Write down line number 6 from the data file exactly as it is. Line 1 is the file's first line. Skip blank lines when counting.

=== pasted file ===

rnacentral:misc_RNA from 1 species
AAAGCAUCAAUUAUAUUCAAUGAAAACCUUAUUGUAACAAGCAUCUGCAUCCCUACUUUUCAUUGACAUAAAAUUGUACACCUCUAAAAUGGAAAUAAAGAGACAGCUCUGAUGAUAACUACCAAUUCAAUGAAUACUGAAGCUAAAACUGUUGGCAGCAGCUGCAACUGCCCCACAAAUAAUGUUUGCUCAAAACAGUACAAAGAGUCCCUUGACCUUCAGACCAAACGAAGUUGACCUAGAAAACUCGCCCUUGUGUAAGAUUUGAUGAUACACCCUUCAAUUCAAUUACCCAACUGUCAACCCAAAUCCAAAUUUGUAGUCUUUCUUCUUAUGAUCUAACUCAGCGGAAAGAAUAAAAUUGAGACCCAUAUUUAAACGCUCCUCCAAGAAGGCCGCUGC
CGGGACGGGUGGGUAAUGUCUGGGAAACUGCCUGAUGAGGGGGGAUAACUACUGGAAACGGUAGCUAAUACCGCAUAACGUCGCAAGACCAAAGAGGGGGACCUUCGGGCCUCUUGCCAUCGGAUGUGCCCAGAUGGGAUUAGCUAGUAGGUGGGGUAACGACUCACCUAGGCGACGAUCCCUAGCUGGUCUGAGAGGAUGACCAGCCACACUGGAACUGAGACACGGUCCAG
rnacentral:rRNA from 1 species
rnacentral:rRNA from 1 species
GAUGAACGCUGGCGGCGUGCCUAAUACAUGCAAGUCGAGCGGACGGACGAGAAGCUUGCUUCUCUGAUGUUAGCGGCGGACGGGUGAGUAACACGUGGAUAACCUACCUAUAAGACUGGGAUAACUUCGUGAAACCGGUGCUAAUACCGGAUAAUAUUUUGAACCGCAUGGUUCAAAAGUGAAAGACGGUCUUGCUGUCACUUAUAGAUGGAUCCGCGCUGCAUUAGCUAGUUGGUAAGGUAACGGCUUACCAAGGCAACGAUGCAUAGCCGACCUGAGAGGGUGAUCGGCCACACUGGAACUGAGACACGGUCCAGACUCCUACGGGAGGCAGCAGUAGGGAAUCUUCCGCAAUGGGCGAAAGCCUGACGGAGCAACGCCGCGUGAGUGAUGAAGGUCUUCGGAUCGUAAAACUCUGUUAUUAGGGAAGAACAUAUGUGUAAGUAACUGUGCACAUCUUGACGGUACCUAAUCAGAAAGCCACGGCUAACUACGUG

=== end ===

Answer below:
GAUGAACGCUGGCGGCGUGCCUAAUACAUGCAAGUCGAGCGGACGGACGAGAAGCUUGCUUCUCUGAUGUUAGCGGCGGACGGGUGAGUAACACGUGGAUAACCUACCUAUAAGACUGGGAUAACUUCGUGAAACCGGUGCUAAUACCGGAUAAUAUUUUGAACCGCAUGGUUCAAAAGUGAAAGACGGUCUUGCUGUCACUUAUAGAUGGAUCCGCGCUGCAUUAGCUAGUUGGUAAGGUAACGGCUUACCAAGGCAACGAUGCAUAGCCGACCUGAGAGGGUGAUCGGCCACACUGGAACUGAGACACGGUCCAGACUCCUACGGGAGGCAGCAGUAGGGAAUCUUCCGCAAUGGGCGAAAGCCUGACGGAGCAACGCCGCGUGAGUGAUGAAGGUCUUCGGAUCGUAAAACUCUGUUAUUAGGGAAGAACAUAUGUGUAAGUAACUGUGCACAUCUUGACGGUACCUAAUCAGAAAGCCACGGCUAACUACGUG